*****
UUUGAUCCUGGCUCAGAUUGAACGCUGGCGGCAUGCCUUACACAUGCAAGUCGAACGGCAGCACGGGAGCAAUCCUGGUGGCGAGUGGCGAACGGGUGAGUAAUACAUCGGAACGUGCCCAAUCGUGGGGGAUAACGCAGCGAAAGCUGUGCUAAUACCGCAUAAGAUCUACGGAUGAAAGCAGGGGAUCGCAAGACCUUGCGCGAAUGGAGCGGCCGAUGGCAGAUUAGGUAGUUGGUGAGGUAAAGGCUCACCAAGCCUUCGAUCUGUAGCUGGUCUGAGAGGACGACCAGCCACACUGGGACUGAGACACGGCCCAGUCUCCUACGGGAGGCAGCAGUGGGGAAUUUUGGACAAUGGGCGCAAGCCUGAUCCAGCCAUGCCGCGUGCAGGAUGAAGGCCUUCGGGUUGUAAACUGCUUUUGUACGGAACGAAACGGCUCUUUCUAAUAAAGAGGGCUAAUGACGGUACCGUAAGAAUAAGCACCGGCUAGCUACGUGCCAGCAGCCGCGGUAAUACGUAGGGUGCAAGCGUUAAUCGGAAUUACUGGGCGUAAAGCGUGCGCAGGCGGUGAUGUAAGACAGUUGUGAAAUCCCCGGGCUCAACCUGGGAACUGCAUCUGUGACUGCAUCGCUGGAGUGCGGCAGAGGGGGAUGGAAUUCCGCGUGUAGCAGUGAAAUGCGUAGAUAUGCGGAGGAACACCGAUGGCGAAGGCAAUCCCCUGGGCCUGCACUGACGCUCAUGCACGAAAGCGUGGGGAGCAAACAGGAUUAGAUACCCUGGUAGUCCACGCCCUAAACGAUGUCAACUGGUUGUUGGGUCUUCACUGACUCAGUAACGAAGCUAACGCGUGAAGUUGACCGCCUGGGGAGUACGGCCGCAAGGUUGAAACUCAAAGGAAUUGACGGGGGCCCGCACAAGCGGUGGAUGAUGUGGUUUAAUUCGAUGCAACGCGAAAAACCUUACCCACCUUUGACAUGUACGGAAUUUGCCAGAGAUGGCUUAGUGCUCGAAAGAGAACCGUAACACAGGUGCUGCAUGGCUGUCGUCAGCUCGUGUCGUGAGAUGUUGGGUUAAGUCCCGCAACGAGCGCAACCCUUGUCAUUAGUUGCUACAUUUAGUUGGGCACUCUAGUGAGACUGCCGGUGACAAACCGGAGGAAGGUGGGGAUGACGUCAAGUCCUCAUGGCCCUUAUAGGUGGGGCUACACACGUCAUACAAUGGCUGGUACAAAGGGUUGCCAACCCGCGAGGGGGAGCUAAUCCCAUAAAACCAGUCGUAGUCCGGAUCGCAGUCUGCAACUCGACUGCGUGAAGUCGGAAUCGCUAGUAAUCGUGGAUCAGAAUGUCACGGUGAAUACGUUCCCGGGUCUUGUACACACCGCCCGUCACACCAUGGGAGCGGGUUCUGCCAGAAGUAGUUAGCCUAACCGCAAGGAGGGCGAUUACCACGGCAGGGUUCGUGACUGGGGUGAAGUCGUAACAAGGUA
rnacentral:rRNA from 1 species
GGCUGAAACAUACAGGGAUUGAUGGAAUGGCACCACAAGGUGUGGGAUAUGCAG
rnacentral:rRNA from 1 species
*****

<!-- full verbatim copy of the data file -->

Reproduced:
UUUGAUCCUGGCUCAGAUUGAACGCUGGCGGCAUGCCUUACACAUGCAAGUCGAACGGCAGCACGGGAGCAAUCCUGGUGGCGAGUGGCGAACGGGUGAGUAAUACAUCGGAACGUGCCCAAUCGUGGGGGAUAACGCAGCGAAAGCUGUGCUAAUACCGCAUAAGAUCUACGGAUGAAAGCAGGGGAUCGCAAGACCUUGCGCGAAUGGAGCGGCCGAUGGCAGAUUAGGUAGUUGGUGAGGUAAAGGCUCACCAAGCCUUCGAUCUGUAGCUGGUCUGAGAGGACGACCAGCCACACUGGGACUGAGACACGGCCCAGUCUCCUACGGGAGGCAGCAGUGGGGAAUUUUGGACAAUGGGCGCAAGCCUGAUCCAGCCAUGCCGCGUGCAGGAUGAAGGCCUUCGGGUUGUAAACUGCUUUUGUACGGAACGAAACGGCUCUUUCUAAUAAAGAGGGCUAAUGACGGUACCGUAAGAAUAAGCACCGGCUAGCUACGUGCCAGCAGCCGCGGUAAUACGUAGGGUGCAAGCGUUAAUCGGAAUUACUGGGCGUAAAGCGUGCGCAGGCGGUGAUGUAAGACAGUUGUGAAAUCCCCGGGCUCAACCUGGGAACUGCAUCUGUGACUGCAUCGCUGGAGUGCGGCAGAGGGGGAUGGAAUUCCGCGUGUAGCAGUGAAAUGCGUAGAUAUGCGGAGGAACACCGAUGGCGAAGGCAAUCCCCUGGGCCUGCACUGACGCUCAUGCACGAAAGCGUGGGGAGCAAACAGGAUUAGAUACCCUGGUAGUCCACGCCCUAAACGAUGUCAACUGGUUGUUGGGUCUUCACUGACUCAGUAACGAAGCUAACGCGUGAAGUUGACCGCCUGGGGAGUACGGCCGCAAGGUUGAAACUCAAAGGAAUUGACGGGGGCCCGCACAAGCGGUGGAUGAUGUGGUUUAAUUCGAUGCAACGCGAAAAACCUUACCCACCUUUGACAUGUACGGAAUUUGCCAGAGAUGGCUUAGUGCUCGAAAGAGAACCGUAACACAGGUGCUGCAUGGCUGUCGUCAGCUCGUGUCGUGAGAUGUUGGGUUAAGUCCCGCAACGAGCGCAACCCUUGUCAUUAGUUGCUACAUUUAGUUGGGCACUCUAGUGAGACUGCCGGUGACAAACCGGAGGAAGGUGGGGAUGACGUCAAGUCCUCAUGGCCCUUAUAGGUGGGGCUACACACGUCAUACAAUGGCUGGUACAAAGGGUUGCCAACCCGCGAGGGGGAGCUAAUCCCAUAAAACCAGUCGUAGUCCGGAUCGCAGUCUGCAACUCGACUGCGUGAAGUCGGAAUCGCUAGUAAUCGUGGAUCAGAAUGUCACGGUGAAUACGUUCCCGGGUCUUGUACACACCGCCCGUCACACCAUGGGAGCGGGUUCUGCCAGAAGUAGUUAGCCUAACCGCAAGGAGGGCGAUUACCACGGCAGGGUUCGUGACUGGGGUGAAGUCGUAACAAGGUA
rnacentral:rRNA from 1 species
GGCUGAAACAUACAGGGAUUGAUGGAAUGGCACCACAAGGUGUGGGAUAUGCAG
rnacentral:rRNA from 1 species